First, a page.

The NCA certifies that an applicant has:
- an understanding and knowledge of Canadian law, and
- knowledge equivalent to that of a graduate of a Canadian common law program.
Equivalence to an approved Canadian common law, law degree serves as the benchmark when the NCA evaluates applicants with legal education or training in another country or in a Canadian civil law program. The NCA Certificate of Qualification does not, however, duplicate a Canadian law degree, which varies between law schools. NCA applicants may be asked to challenge examinations in subjects that all law schools may not require for a law degree.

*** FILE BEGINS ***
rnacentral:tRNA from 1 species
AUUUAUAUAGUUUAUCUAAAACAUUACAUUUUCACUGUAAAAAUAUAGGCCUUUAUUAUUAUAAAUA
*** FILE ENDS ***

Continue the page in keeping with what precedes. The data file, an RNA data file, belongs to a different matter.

Effective January 2015, the NCA introduced a new Assessment Policy. The new policy clarifies different aspects of the NCA Assessment process and brings the policy into compliance with the Federation’s National Requirement for Canadian Common Law Programs. Other NCA policies, including Assessment Appeal and deadlines for completing assigned requirements, are unchanged.
The current Policies and Guidelines of the NCA are available here.
If you wish to request a refund for NCA services, please refer to our Refund Policy.